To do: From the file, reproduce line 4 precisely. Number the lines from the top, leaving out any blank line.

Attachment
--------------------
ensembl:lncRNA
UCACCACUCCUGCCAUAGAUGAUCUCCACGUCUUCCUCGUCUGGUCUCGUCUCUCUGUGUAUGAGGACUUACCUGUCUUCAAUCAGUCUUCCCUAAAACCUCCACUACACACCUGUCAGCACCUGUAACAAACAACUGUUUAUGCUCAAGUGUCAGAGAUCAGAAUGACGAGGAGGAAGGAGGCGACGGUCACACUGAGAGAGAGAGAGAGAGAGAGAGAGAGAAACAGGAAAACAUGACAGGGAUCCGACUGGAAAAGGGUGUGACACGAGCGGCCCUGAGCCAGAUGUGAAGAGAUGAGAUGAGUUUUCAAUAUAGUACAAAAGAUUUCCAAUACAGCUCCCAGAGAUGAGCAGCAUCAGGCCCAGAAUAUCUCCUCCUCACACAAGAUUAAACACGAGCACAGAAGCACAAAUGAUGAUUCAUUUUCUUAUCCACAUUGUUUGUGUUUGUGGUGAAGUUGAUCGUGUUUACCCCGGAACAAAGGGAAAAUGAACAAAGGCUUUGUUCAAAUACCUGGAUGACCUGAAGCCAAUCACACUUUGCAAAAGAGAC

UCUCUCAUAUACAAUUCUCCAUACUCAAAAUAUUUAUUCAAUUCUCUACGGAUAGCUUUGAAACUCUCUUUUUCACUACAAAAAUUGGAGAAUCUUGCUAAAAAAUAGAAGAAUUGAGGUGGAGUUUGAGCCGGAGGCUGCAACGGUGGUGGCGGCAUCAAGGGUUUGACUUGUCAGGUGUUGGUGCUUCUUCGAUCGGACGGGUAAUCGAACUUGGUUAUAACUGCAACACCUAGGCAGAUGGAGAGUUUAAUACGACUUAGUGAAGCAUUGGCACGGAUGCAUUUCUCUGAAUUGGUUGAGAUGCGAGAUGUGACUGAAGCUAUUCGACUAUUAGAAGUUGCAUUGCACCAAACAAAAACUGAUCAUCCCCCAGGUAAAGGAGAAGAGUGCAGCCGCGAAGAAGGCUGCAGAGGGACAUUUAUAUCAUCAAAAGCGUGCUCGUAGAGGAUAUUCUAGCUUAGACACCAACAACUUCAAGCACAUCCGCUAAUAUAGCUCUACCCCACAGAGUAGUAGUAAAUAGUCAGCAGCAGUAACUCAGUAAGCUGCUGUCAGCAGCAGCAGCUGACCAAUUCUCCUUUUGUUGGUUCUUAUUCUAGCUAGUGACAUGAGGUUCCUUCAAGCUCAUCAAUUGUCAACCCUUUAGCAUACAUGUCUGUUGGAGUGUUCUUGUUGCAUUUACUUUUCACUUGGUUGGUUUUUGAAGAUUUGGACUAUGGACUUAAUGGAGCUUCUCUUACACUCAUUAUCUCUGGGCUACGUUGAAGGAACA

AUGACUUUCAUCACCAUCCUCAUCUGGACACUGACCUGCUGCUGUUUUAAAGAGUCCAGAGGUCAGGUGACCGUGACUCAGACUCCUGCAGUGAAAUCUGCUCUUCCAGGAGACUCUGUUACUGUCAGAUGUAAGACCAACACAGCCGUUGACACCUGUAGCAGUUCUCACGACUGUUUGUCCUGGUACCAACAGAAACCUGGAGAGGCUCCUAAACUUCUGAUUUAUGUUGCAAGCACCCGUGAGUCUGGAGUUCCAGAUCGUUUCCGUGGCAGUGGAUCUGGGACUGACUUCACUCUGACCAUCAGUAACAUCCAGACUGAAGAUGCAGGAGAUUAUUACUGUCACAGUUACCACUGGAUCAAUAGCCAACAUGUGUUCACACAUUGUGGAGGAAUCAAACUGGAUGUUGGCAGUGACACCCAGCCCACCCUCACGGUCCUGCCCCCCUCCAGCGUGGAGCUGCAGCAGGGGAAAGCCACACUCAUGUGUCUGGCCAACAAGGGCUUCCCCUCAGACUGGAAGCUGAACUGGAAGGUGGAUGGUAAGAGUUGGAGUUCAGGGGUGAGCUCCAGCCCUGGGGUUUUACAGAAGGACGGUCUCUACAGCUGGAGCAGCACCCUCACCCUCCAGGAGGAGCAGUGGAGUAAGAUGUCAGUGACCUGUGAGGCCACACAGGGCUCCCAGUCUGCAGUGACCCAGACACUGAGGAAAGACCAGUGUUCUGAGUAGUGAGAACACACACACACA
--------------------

AUGACUUUCAUCACCAUCCUCAUCUGGACACUGACCUGCUGCUGUUUUAAAGAGUCCAGAGGUCAGGUGACCGUGACUCAGACUCCUGCAGUGAAAUCUGCUCUUCCAGGAGACUCUGUUACUGUCAGAUGUAAGACCAACACAGCCGUUGACACCUGUAGCAGUUCUCACGACUGUUUGUCCUGGUACCAACAGAAACCUGGAGAGGCUCCUAAACUUCUGAUUUAUGUUGCAAGCACCCGUGAGUCUGGAGUUCCAGAUCGUUUCCGUGGCAGUGGAUCUGGGACUGACUUCACUCUGACCAUCAGUAACAUCCAGACUGAAGAUGCAGGAGAUUAUUACUGUCACAGUUACCACUGGAUCAAUAGCCAACAUGUGUUCACACAUUGUGGAGGAAUCAAACUGGAUGUUGGCAGUGACACCCAGCCCACCCUCACGGUCCUGCCCCCCUCCAGCGUGGAGCUGCAGCAGGGGAAAGCCACACUCAUGUGUCUGGCCAACAAGGGCUUCCCCUCAGACUGGAAGCUGAACUGGAAGGUGGAUGGUAAGAGUUGGAGUUCAGGGGUGAGCUCCAGCCCUGGGGUUUUACAGAAGGACGGUCUCUACAGCUGGAGCAGCACCCUCACCCUCCAGGAGGAGCAGUGGAGUAAGAUGUCAGUGACCUGUGAGGCCACACAGGGCUCCCAGUCUGCAGUGACCCAGACACUGAGGAAAGACCAGUGUUCUGAGUAGUGAGAACACACACACACA